Friday, December 26, 2014

Cafe Society Swing

Cafe Society Swing is a strange show, perfect musically from every singer and musician, but confused in its efforts to place their songs within the context of a story. I felt I was watching a split screen onstage at 59E59 Theaters, with powerhouse entertainers on the left and personified program notes playing out on the right.

Written by Alex Webb and directed by Simon Green, the two-hour show attempts to bring to life Cafe Society, the legendary jazz club that launched the careers of Billie Holiday, Lena Horne, Sarah Vaughan, Big Joe Turner, Count Basie, Zero Mostel, Sid Caesar and Carol Channing. As the first racially integrated club in New York City (and possibly the United States), it was considered "the wrong place for the right people.” It couldn’t, however, survive the Red Scare of the late 1940s.

All of this would have made Cafe Society Swing a good play, but it’s not a play. It’s a revue, with the club’s history told through narration by Evan Pappas stationed on the right. In the first act he is a reporter investigating the suspected Communist ties of Barney Josephson, the venue’s owner who once described his goal as creating “a club where blacks and whites worked together behind the footlights and sat together out front.”

Woven between his accounts, the show’s marvelous singers, Cyrille Aimée (in photo), Allan Harris, Charenee Wade and Pappas, sing the hits made famous by Horne and the like. It’s Dec. 15, 1948, the nightspot’s 10th birthday, and the reporter’s editor wants an attack story, but the more the reporter investigates, the more he is charmed by the club.

When Pappas reappears in the second act dressed as a bartender and working at the club, I laughed because I figured he had lost his reporting job. It took a few minutes for me to realize he was supposed to be a different person. That was a large part of the problem — he wasn’t developed enough to be a character in a play, because this isn’t a play, it’s a revue. To me he was more of a distraction, a narrator giving facts that I would have been much happier to have read in the program. I wanted to get back to the songs, which are wonderfully brought to life by the singers and the eight-piece jazz ensemble onstage.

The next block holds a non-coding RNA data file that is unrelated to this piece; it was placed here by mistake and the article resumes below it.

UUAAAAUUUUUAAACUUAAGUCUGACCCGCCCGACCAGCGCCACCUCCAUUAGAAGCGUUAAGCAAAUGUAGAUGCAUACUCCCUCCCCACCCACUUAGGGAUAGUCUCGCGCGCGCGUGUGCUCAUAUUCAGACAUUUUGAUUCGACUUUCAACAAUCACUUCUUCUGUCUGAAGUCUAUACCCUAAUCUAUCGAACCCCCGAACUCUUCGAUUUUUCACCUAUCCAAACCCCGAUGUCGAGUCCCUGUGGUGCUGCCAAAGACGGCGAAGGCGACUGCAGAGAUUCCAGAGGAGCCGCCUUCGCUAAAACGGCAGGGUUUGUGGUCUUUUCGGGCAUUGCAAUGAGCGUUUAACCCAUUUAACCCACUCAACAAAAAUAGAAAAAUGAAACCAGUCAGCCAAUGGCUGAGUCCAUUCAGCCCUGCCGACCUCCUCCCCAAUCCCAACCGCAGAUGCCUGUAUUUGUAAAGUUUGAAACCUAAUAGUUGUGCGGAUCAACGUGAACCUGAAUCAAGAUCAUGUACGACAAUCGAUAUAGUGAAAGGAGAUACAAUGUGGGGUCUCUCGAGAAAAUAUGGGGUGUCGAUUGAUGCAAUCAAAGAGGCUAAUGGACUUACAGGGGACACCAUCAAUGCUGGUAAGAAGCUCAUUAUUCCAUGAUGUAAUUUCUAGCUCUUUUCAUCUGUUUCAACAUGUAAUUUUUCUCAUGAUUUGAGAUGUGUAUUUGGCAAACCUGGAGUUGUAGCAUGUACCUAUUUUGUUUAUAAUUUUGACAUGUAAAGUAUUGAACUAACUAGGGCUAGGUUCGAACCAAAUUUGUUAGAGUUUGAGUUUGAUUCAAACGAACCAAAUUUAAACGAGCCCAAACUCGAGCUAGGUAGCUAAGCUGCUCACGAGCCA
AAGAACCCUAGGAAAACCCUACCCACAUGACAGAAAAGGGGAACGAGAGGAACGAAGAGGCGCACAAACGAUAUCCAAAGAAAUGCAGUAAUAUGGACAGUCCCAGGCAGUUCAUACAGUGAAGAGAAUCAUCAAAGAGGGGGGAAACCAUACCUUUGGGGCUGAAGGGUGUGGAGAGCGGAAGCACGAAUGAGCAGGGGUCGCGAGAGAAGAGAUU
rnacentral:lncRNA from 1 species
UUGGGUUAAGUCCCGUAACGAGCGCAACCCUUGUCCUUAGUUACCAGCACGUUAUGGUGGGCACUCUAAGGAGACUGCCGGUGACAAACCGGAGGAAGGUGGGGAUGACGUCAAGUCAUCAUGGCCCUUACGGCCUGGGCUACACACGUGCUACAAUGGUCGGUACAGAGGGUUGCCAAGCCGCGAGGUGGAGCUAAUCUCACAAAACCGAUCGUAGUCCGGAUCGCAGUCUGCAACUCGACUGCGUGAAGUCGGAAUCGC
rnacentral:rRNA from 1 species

Even without the singers I could have been happy with just the band — Joe Boga (trumpet), singer Harris doubling on guitar, Mimi Jones (bass), Lucianna Padmore (drums) Camille Thurman (tenor sax), Bill Todd (alto sax and clarinet), writer and musical director Webb on piano and Brent White (trombone).

Many of the songs are well-known, such as “What a Little Moonlight Can Do,” “All of Me,” “Stormy Weather,” “Where or When” and “Lush Life.” Others, like “Stalin Wasn’t Stallin’” and “Red Scare,” point to the club’s political slant. I thought of my mother when Aimée sang “Hurry On Down” as Nellie Lutcher. My mother loved Lutcher’s “Fine Brown Frame” and used to put nickel after nickel in jukeboxes to hear it back in her youth. Lutcher’s name hasn’t survived as well as that of Holiday, Vaughan and Horne, so it was nice to have her included. My mother would have been happy!

One of the notable songs, “Strange Fruit,” about lynched black men hanging from trees in the South and made famous by Holiday, was first sung at Cafe Society. Oddly, this song closes the show. While it is powerfully sung by Wade, it is a real downer for sending an audience out of the theatre after a musical afternoon. When Wade finished and the cast came back on stage, I expected an encore of something more upbeat, but no, they took their curtain calls and that was it.

Was this meant to be some kind of statement about the current day killings of black men by white police officers? If so, it is out of place, tacked on like that at the end. I was talking with a fellow critic at the E Bar after the show and he also questioned this ending.

The director, British singer Simon Green, is known to me for his cabaret shows at 59E59, with just himself and an accompanist. These engagements have charmed me over holiday seasons past with his lively themes — “Coward at Christmas,” “Traveling Light” and “So, This Then is Life,” each smoothly integrating songs with his recitals of writers on the subjects. That integration is missing in his directing efforts of Cafe Society Swing, which continues through Jan. 4 at 59E59 Theaters (59 E. 59th St., between Park and Madison Avenues).

Ease up on the narration and let the music carry the show, which it easily can. Then Cafe Society will really swing again.  

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